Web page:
Conversely, when we pray for the recovery of the sick in the Mi shebeirach l’cholim, we use the person’s Hebrew name and only their mother’s Hebrew name. The Zohar describes this as an appeal to God’s compassionate side, as mothers are more compassionate than fathers, which is not a very egalitarian concept! So far, even in most progressive circles, there has been no campaign to add the father’s name to the blessing for the sick. This reflects a common misconception about egalitarianism, which is that it is only about giving women rights and roles that were traditionally held by men alone and not about giving men rights and roles that were previously reserved for women.
Part 2: Egalitarianism in Liturgy. C: Female or Feminine God. The third and most contentious level of egalitarianism in liturgy is acknowledging that God may be female or have female aspects. This can be done as simply as directly translating prayers that already have female imagery. The “V’hi sheamdah” section of the Haggadah is usually translated as “That which sustained our ancestors and us”. Because Hebrew is gendered, the word “that” in this sentence is the same word as “She”. Tradition defines the unspoken antecedent of “that” as the promise God made to us. Rabbi Kalischer, in the 19th century, wrote that the female pronoun refers to the feminine aspect of God. Following this interpretation, feminist Haggadot today use the translation “She who sustained our ancestors and us”..
The most far-reaching step is to change not just occasional prayers, but the most common and frequent references to God. In the Hebrew of the prayerbook, and in older English translations, God is primarily referred to as male, as King, Lord, and the-Holy-One-Blessed-be-He. The basic formula of all blessings begins “Blessed are you, God, King of the universe”. More liberal branches of Judaism have created alternatives, using female gender for the formula with Elah (God), Shechina (Presence). Some also replace the word Melech (king) with Ruach, which means wind or spirit; others use Malkah (queen) in Hebrew and Sovereign in English.
Some prayerbooks use these exclusively female blessing formulas (Ma’ayan Haggadah, Kohenet, Siddur Nashim). Others (like the Reform and Reconstructionist) present them as an option in one section with the idea that they could be used for all blessings, but leave most blessings in the text in the traditional formula. There are few prayerbooks that use both male and female God language in close to equal measure (e.g. Or Chadash).
Some have tried gender-neutral terms or gender-ambiguous terms such as Yah for God, popular in the Renewal movement, but this still raises difficulties in Hebrew, a gendered language. Marcia Falk introduced an avoidance of the third person (and thus of gender in English and in Hebrew), beginning her blessings with “Let us bless the source of life”.
Part 3: Egalitarianism in identity. The obvious debate in identity issues is over patrilineal descent. Some liberal movements affirm the rights of fathers to independently pass on Jewishness to their children in the absence of a Jewish spouse. The Orthodox and Conservative do not, based on the rabbinic rulings that paternity can be questioned, but not maternity. Less discussed is the hereditary nature of being a Cohen (priest) or a Levi (member of the biblical tribe who served in the temple), which is passed on only through the father. Some synagogues allow women to inherit the state of being a Cohen or Levi as a bat-Cohen or bat-Levi (daughter of a cohen or Levi) and thus be eligible for the first two Torah readings traditionally set aside for them. This move does not afford full ritual equality, though, as a bat-Cohen is often not permitted to perform the priestly blessing of the congregation (duchanen) (though there is a Conservative opinion permitting this) nor is she permitted to pass on her status to her children. More liberal synagogues have simply dispensed with the public honours associated with Cohen and Levi (for other reasons), which is egalitarian as neither gender performs them.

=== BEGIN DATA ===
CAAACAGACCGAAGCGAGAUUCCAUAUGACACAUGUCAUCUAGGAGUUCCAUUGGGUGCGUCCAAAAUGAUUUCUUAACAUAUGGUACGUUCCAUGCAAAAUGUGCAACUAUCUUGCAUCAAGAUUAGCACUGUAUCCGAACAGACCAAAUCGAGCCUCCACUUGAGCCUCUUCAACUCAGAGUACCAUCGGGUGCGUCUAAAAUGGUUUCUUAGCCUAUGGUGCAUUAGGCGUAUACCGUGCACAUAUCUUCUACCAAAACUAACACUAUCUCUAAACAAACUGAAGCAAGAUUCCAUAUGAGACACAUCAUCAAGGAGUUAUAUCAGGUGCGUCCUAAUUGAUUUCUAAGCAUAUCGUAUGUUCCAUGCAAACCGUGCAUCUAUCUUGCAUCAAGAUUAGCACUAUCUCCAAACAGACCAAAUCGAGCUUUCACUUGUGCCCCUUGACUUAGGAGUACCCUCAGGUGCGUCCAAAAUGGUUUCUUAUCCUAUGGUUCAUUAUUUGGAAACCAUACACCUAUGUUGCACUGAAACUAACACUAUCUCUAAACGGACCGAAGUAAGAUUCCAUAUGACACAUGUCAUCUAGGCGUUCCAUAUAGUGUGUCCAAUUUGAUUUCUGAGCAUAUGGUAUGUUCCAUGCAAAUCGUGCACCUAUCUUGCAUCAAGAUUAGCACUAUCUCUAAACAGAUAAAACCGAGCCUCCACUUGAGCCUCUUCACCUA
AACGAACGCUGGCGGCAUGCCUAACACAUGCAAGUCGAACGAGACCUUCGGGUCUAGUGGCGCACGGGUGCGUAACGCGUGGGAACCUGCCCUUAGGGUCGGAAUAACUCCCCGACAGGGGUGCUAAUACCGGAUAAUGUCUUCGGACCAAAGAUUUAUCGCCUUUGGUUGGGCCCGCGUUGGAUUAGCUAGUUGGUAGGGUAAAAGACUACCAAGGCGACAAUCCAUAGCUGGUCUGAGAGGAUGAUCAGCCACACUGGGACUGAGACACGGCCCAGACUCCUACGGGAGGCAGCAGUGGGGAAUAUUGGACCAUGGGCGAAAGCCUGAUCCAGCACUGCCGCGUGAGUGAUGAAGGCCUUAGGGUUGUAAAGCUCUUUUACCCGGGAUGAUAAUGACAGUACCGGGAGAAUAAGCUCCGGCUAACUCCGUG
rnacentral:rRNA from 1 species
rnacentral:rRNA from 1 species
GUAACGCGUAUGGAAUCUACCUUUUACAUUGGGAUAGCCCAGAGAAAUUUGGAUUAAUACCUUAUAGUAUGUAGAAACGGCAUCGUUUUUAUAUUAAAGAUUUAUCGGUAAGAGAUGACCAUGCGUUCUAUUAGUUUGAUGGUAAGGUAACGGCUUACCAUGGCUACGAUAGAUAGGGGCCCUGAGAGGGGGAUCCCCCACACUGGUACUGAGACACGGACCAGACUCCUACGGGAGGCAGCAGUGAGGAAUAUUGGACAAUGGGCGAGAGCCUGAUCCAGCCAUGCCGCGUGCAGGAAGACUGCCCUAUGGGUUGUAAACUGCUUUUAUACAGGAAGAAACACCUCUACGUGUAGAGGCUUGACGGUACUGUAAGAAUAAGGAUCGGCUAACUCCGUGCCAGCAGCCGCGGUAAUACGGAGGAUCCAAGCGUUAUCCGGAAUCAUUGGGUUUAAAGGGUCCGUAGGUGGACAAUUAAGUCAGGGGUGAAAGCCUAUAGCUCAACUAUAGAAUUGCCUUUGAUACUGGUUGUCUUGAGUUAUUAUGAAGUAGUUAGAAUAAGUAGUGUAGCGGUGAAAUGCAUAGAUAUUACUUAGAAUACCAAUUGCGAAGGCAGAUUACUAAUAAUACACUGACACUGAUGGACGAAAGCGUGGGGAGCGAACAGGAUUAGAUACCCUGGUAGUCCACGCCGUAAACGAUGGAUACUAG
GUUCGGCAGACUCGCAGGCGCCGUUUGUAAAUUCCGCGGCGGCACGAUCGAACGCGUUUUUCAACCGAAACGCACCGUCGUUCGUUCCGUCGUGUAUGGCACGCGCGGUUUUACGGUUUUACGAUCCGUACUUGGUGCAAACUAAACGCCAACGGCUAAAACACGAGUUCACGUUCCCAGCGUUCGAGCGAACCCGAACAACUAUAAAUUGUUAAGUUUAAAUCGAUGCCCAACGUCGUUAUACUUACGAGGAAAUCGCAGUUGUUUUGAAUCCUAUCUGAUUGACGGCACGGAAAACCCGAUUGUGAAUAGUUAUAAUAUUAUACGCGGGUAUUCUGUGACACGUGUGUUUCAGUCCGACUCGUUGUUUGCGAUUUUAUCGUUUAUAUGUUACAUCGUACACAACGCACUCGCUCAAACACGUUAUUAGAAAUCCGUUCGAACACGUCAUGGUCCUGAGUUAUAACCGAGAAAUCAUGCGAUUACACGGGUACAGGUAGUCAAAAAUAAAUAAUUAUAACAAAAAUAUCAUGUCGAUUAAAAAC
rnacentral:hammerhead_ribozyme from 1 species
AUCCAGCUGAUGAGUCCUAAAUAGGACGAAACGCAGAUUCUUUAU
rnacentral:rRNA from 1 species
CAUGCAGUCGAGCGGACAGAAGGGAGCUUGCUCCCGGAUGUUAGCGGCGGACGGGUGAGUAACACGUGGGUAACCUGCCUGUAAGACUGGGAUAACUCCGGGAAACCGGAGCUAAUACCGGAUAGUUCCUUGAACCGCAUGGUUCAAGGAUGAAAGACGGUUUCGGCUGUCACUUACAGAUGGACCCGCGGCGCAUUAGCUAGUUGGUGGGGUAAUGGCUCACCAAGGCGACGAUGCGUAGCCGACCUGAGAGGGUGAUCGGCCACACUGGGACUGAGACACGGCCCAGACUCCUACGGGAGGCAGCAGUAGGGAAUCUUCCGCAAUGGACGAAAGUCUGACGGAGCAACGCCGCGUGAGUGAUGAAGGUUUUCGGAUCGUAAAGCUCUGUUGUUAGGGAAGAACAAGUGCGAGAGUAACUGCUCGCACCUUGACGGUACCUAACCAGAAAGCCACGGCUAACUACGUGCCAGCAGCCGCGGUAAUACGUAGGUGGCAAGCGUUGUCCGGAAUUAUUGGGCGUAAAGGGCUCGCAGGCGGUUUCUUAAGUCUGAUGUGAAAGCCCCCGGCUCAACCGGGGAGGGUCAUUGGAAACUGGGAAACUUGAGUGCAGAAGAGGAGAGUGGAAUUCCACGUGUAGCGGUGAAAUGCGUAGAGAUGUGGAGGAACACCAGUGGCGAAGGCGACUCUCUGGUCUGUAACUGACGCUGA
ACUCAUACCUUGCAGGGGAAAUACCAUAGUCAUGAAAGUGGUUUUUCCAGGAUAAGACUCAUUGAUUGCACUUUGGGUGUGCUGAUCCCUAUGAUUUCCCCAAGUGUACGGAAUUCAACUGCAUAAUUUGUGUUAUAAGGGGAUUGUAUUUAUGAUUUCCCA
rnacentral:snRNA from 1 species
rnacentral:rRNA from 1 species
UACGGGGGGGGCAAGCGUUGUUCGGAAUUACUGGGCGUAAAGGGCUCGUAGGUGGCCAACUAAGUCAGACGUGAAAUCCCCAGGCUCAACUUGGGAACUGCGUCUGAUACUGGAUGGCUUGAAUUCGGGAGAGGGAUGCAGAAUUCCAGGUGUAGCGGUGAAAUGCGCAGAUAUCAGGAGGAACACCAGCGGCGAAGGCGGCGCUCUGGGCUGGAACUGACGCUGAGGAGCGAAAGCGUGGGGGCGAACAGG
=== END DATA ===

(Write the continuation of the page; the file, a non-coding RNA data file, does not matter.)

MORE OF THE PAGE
Part 4: Egalitarianism in legal status. In the Orthodox and Conservative movements, women cannot initiate Jewish divorce. Other movements have egalitarian divorces, but they are not widely used and participants are often counseled to get an Orthodox divorce as well. Similarly, women traditionally cannot serve as valid legal witnesses. Though status in a Jewish court is not something we think of as relevant on a daily basis, a witness is required to sign a ketubah (marriage contract), witness the giving of a get (divorce contract), or approve a conversion. This is a right that most movements of Judaism have denied women (because the Talmud specifically bans women from this role). So even though for 20 years female Conservative rabbis have been able to lead services, teach conversion classes, perform circumcisions, officiate at funerals and weddings, and serve on and author papers for the Conservative Committee on Jewish Law and Standards, they were only counted as legal witnesses in 2001, in a ruling many do not accept.
Why is this delineation important? Because naming is powerful. The generic term ‘egalitarian’ allows us to take where we have come as the end product and to become complacent. Engaging and wrestling with our ritual practice keeps it alive and relevant and meaningful. If we are already ‘egalitarian’ than we do not need to engage with what it means; we do not have to ask ourselves, what does egalitarianism mean now? In what ways is our observance egalitarian and it what ways is it not? How do women’s roles in ritual life relate to their roles in the larger society? What in the past motivated us to pursue ritual changes? What does now? The way forward is through answering these questions.
I do believe that we are not done and that there is a way forward. I was raised in an egalitarian synagogue, the dream my feminist parents’ generation worked hard on and created for themselves and their children. For much of my youth I saw little of other forms of Judaism. It is the nature of feminism and all progressive movements that what was a dream come true for one generation, what was pushing the envelope, is what is expected as a minimum without question for the next. Just like my parents, the world I try to create for my children demands more of the concept ‘egalitarian’ than the one I was raised with. The native-born children always expect more from their home country than their immigrant parents.